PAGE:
13 May 2020 -

Münch group describes potential COVID-19 therapies

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Cellular response to coronavirus infection. SARS-CoV-2 was added to human cells and changes in host cell and viral proteins monitored over time. Here, changes in viral proteins are shown.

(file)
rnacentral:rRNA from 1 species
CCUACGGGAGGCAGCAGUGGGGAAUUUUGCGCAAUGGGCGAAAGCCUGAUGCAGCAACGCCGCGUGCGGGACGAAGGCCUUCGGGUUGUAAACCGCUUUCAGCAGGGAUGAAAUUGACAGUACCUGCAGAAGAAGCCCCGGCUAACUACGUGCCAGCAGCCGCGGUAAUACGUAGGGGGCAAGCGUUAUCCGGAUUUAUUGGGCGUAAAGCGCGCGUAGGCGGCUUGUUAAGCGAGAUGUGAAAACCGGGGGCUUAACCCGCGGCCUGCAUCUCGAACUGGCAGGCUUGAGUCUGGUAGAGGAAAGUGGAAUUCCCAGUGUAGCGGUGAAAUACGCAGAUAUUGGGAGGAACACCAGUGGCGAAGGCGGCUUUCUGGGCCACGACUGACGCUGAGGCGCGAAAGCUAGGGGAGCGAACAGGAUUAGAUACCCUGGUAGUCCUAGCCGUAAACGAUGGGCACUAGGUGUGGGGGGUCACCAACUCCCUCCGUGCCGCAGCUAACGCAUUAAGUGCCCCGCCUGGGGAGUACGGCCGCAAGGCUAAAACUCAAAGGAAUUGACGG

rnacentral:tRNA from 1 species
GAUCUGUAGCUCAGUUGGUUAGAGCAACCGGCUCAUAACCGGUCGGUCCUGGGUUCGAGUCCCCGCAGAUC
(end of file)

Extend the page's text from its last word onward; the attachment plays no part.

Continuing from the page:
Despite COVID-19 quickly developing to a world-wide pandemic, treatment options remain limited. The mechanisms by which SARS-CoV-2 enters cells, how the cell responds to infection, and which therapeutic approaches could stop viral replication remain unclear. In a manuscript published today in the renowned journal Nature, IBC2 group leader Christian Münch, together with Jindrich Cinatl (Institute of Medical Virology, University Hospital Frankfurt), provide with answers to these questions. Using SARS-CoV-2 isolated from COVID-19 patients in Frankfurt, they established a cellular model to study coronavirus infection. Using a recently developed novel translation proteomics method (https://doi.org/10.1016/j.molcel.2019.11.010), they analysed how viral infection changes cellular protein synthesis and abundance. This revealed several cellular pathways strongly modulated upon SARS-CoV-2 infection. Strikingly, using drugs targeting these pathways – some of which are approved for use in other diseases – prevented SARS-CoV-2 replication in cells. This reveals potential new therapeutic strategies for specific COVID-19 treatments and have been picked up for ongoing (ribavirin) and planned (2-deoxy-glucose) clinical trials.